- This key drive actually unlocks something: Authentication via USB comes to Chrome
- How the FIDO Alliance's U2F could simplify two-factor authentication
- Google extends two-factor authentication with physical USB keys
- FTC appoints privacy researcher Soltani as chief technologist
- Criminals traded 110 million stolen credentials in 2014, Experian says
online safety - News, Features, and Slideshows
Google is letting users protect their accounts against password compromises by adding support for two-factor authentication based on physical USB keys.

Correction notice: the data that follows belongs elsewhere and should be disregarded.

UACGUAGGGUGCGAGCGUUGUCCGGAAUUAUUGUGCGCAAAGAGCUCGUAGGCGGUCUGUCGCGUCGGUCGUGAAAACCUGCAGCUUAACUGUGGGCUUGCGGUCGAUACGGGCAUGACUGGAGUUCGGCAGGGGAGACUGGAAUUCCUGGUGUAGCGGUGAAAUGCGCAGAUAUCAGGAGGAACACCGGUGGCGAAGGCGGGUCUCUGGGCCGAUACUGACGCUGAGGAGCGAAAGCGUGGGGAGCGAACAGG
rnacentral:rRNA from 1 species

If you haven't updated your Flash Player with the fixes released on Oct. 14, you may be vulnerable to new attacks using a commercial exploit kit called Fiesta, security researchers warn.
Users who are careful to download files only from trusted websites may be tricked by a new type of Web vulnerability: this one cons them into downloading malicious executable files that are not actually hosted where they appear to be.
Hackers claim to have stolen a database of almost 7 million Dropbox log-in credentials, but the company says its service was not hacked and that unrelated websites are the data source.
Many security experts feel that passwords are no longer sufficient to keep online accounts safe from hackers, but we're still a long way from widespread adoption of biometrics and alternative methods of authentication.
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